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Workshop #3: Infinite curve

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Blog entry by BritBoxmaker posted 514 days ago 1164 reads 0 times favorited 8 comments Add to Favorites Watch
« Part 2: Extension bars for lighting rig Part 3 of Workshop series no next part

For a while now I’ve been using A1 size (metric) heavy gauge art paper for the infinite curve in my project photo’s. It’s expensive. It gets dirty and needs replacing every few uses. It occurred to me that heavy duty lining paper, the sort used in the decorating trade would probably do just as well

Its about the same width as the shorter dimension of A1 and there’s 10 metres on a roll, enough for about ten curves.

A simple addition to my lighting rig allows for easy dispensing as well. The roll is mounted on a piece of 18 mm birch ply I’ve had hanging around in the scraps, simply screwed to the rig, about 400 mm off the bench. Easily unscrewed at one end to thread on a new roll, when needed.

I simply roll out what I need and tape it down to create a curve

You can see my latest project on the bench, ready to be taken. Here are a couple of shots I took with this set up. The first with just the two daylight floods

and the second with fill-in flash, from the camera.

The camera is a Canon PowerShot A2400 IS, tripod mounted.

When not in use the curve simply rolls back up onto the roll.

A roll costs £5. I generally get at least five uses from a sheet of paper. If I use the same 1 metre five times, there’s 10 m on a roll, making 50 sessions from one roll. That’s 10p a photo session. The colour of the roll is not pure white but this can be adjusted for in the camera with a white sheet of A4 in front of the lens at the begining of each photo session.

-- Martyn -- Boxologist, Pattern Juggler and Candyman of the visually challenging. http://www.theartofboxes.com



8 comments so far

View Sheila Landry (scrollgirl)'s profile

Sheila Landry (scrollgirl)

7572 posts in 1547 days


#1 posted 514 days ago

We do similar using poster board in the light box that Keith made. However, the box itself is restrictive in size to things that are probably about 6” in diameter or smaller. When I was photographing some recent projects I got to wondering how I could use this type of background for larger pieces. I am happy that you posted the way you do things, as it gave me several ideas as to how I could do similar and make the system work for me. Thanks for taking the time to show us. Your pictures are really beautiful and show the details of your work wonderfully. :)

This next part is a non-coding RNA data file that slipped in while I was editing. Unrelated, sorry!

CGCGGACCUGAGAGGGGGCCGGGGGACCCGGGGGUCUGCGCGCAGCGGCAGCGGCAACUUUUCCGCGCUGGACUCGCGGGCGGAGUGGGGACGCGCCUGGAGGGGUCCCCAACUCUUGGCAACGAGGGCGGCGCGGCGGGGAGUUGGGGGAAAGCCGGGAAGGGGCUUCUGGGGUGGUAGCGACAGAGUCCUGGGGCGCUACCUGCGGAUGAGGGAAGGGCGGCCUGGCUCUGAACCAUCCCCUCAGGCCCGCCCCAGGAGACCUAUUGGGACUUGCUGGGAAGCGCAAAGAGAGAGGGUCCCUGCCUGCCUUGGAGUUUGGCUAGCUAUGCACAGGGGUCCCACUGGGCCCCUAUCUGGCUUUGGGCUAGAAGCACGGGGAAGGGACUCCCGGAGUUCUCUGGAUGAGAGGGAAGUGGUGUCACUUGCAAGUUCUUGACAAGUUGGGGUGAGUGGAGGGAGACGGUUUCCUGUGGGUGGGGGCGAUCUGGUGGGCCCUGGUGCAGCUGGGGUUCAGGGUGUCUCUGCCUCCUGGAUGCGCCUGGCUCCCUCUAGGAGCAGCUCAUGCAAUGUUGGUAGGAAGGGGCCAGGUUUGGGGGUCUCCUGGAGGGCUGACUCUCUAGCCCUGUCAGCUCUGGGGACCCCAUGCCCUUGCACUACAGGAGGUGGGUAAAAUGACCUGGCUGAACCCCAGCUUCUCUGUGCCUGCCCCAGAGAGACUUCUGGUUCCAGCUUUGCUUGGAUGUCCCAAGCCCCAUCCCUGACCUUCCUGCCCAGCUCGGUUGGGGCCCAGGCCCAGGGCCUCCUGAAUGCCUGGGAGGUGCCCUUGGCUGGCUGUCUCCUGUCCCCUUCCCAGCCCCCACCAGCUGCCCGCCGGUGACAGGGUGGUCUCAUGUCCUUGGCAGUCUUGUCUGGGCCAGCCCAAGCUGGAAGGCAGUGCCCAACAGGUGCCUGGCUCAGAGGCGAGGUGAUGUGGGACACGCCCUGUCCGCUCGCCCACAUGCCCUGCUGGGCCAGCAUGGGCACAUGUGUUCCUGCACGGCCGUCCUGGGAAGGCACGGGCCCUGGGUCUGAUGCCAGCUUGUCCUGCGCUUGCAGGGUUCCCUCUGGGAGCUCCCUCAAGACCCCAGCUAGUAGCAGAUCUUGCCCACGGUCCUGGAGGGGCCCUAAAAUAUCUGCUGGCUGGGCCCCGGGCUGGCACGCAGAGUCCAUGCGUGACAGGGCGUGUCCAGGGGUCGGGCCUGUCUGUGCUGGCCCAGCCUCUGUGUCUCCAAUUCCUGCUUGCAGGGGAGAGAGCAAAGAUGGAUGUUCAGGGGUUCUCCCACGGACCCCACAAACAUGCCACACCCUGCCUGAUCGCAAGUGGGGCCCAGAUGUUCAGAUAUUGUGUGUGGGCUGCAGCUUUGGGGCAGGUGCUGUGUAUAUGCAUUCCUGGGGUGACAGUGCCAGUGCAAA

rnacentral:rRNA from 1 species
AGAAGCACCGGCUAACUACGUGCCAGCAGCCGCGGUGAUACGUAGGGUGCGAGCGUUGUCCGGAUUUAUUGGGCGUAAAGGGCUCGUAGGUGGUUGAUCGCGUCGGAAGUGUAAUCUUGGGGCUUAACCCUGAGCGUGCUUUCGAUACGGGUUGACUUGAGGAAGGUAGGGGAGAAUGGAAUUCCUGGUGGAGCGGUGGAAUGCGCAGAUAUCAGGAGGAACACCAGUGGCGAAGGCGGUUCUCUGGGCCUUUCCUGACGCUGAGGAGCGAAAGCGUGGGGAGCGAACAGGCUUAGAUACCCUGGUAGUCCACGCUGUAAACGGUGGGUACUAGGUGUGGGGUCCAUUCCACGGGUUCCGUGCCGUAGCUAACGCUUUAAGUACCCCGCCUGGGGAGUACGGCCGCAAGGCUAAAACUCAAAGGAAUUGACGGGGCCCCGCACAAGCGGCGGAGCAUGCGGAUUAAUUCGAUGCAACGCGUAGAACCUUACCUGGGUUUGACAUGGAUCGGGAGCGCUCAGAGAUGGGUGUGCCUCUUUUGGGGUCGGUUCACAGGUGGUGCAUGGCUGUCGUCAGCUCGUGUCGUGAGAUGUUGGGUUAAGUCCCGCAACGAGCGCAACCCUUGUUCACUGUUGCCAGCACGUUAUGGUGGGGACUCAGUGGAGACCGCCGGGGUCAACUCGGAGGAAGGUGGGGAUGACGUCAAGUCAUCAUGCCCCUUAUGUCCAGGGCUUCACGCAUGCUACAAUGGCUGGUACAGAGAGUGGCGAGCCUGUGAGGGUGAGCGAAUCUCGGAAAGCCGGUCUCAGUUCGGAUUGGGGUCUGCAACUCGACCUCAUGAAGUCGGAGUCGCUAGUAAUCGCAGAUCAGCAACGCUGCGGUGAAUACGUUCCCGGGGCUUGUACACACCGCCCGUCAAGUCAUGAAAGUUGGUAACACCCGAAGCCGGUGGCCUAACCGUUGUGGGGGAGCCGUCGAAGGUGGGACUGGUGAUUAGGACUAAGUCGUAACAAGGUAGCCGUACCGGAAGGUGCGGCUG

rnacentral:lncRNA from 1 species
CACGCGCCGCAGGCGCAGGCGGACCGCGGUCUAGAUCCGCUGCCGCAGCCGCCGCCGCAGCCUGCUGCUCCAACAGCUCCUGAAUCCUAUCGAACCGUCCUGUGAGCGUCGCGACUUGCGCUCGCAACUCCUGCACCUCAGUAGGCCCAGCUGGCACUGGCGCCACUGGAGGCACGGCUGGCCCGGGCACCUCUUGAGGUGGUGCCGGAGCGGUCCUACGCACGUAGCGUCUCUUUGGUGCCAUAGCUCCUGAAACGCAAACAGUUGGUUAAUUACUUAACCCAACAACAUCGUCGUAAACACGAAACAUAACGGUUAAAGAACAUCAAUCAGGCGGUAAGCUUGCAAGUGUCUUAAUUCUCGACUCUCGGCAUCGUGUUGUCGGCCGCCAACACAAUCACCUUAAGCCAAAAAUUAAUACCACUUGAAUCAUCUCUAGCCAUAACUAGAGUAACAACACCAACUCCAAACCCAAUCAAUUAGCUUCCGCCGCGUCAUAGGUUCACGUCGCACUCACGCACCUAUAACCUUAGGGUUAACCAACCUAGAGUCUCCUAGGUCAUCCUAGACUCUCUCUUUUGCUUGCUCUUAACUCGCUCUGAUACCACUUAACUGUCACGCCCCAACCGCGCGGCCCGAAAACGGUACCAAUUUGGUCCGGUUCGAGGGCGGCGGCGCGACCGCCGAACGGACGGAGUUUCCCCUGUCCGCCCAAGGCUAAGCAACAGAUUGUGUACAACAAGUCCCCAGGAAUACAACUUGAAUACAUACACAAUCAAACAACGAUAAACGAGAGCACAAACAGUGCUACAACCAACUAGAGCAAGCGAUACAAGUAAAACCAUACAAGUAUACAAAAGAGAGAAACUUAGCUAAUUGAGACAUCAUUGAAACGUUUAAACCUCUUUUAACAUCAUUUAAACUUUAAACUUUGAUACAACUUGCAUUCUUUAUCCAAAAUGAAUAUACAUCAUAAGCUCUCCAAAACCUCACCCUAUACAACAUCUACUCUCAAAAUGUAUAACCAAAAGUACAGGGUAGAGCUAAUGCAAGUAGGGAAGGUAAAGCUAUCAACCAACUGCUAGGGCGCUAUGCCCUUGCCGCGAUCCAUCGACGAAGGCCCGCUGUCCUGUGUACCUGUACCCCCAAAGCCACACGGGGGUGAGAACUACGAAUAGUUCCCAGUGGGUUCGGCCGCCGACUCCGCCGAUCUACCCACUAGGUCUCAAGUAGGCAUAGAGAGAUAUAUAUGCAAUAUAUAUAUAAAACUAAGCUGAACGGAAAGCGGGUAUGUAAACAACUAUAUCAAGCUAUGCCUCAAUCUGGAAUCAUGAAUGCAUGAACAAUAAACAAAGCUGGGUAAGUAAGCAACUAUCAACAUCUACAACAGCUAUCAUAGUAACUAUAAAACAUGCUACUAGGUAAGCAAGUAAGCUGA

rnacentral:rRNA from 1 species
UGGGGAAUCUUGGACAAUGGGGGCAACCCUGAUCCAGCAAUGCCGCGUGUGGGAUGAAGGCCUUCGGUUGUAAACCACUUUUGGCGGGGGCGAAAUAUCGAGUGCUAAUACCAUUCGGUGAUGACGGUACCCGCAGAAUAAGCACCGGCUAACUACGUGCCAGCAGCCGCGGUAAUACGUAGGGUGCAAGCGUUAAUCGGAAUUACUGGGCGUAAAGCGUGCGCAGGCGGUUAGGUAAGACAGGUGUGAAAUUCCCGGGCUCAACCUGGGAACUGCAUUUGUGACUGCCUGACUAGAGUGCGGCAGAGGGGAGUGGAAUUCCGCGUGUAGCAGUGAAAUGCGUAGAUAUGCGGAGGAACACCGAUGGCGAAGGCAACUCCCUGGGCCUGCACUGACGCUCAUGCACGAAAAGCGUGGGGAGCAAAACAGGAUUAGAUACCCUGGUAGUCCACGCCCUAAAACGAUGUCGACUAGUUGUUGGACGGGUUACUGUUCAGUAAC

Sheila

-- Designer/Artist/Teacher. Owner of Sheila Landry Designs (http://www.sheilalandrydesigns.com) Scroll saw, wood working and painting patterns and surfaces. "Knowledge is Power"

View BritBoxmaker's profile

BritBoxmaker

4356 posts in 1663 days


#2 posted 514 days ago

Thank you, Sheila and I’m glad to be of help.

-- Martyn -- Boxologist, Pattern Juggler and Candyman of the visually challenging. http://www.theartofboxes.com

View nomercadies's profile

nomercadies

498 posts in 966 days


#3 posted 514 days ago

I like that, thank you.

I’m not sure what this part means though:
“The colour of the roll is not pure white but this can be adjusted for in the camera with a white sheet of A4 in front of the lens at the begining of each photo session.”

Is that something your camera is able to do?

-- Chance Four "Not Just a Second Chance"

View JoeinGa's profile

JoeinGa

3157 posts in 634 days


#4 posted 514 days ago

You might try contacting your local newspaper. They usually give away what they call the “End rolls” from the rolls of newsprint they use. It’s also a little “off-white” but it sounds like you can compensate for that. The stuff I’ve gotten here is on a cardboard roll, so you can still hang it the same way you have now. It’s also a great way to get (FREE) paper for packing glass items if you ever move (or have to ship something fragile)

-- Perform A Random Act Of Kindness Today ... Pay It Forward

View BritBoxmaker's profile

BritBoxmaker

4356 posts in 1663 days


#5 posted 514 days ago

nomercadies, my camera has an adjustable white balance. Many digital cameras do.

joe, thanks for the advice. Newsprint might be a bit thin though.

-- Martyn -- Boxologist, Pattern Juggler and Candyman of the visually challenging. http://www.theartofboxes.com

View Sodabowski's profile

Sodabowski

2002 posts in 1460 days


#6 posted 514 days ago

Dude, have you heard about bedsheets?

-- Holy scrap Barkman!

View Dennisgrosen's profile

Dennisgrosen

10850 posts in 1742 days


#7 posted 514 days ago

your set up is good and the price is right :-)

a pro way of doing the same is to have around 15-20 cm gab from the table edge to where
the role hang so the paper goes drops from the back edge of the table hanging in a curve
before it goes up to the role
the only advance of this as I can see it is it gives the possibillity to ad light to the background
I can´t remeber the excact answer I was given at the time I learned …. I never used other ways
than the one you use on all colours and used a specifik background light to remove shadows

allways a pleasure to look at your pictures :-)

take care
Dennis

View Roger's profile

Roger

14318 posts in 1431 days


#8 posted 514 days ago

Gr8 way to shoot some nice photos of your fine projects.

-- Roger from KY. Work/Play/Travel Safe. Kentuk55@bellsouth.net

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